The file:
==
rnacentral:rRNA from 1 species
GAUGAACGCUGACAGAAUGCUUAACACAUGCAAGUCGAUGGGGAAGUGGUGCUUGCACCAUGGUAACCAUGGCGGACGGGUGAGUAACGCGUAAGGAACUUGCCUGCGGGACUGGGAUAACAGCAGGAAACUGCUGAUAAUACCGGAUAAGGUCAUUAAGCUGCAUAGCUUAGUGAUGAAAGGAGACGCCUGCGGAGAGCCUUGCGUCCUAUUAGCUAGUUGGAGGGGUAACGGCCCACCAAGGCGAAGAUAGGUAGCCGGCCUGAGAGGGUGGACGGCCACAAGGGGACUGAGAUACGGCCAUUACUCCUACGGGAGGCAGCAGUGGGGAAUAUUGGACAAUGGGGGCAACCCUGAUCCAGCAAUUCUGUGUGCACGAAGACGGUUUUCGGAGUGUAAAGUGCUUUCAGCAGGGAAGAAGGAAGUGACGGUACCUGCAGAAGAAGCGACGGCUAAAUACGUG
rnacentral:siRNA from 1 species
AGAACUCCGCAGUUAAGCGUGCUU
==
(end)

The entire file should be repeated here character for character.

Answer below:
rnacentral:rRNA from 1 species
GAUGAACGCUGACAGAAUGCUUAACACAUGCAAGUCGAUGGGGAAGUGGUGCUUGCACCAUGGUAACCAUGGCGGACGGGUGAGUAACGCGUAAGGAACUUGCCUGCGGGACUGGGAUAACAGCAGGAAACUGCUGAUAAUACCGGAUAAGGUCAUUAAGCUGCAUAGCUUAGUGAUGAAAGGAGACGCCUGCGGAGAGCCUUGCGUCCUAUUAGCUAGUUGGAGGGGUAACGGCCCACCAAGGCGAAGAUAGGUAGCCGGCCUGAGAGGGUGGACGGCCACAAGGGGACUGAGAUACGGCCAUUACUCCUACGGGAGGCAGCAGUGGGGAAUAUUGGACAAUGGGGGCAACCCUGAUCCAGCAAUUCUGUGUGCACGAAGACGGUUUUCGGAGUGUAAAGUGCUUUCAGCAGGGAAGAAGGAAGUGACGGUACCUGCAGAAGAAGCGACGGCUAAAUACGUG
rnacentral:siRNA from 1 species
AGAACUCCGCAGUUAAGCGUGCUU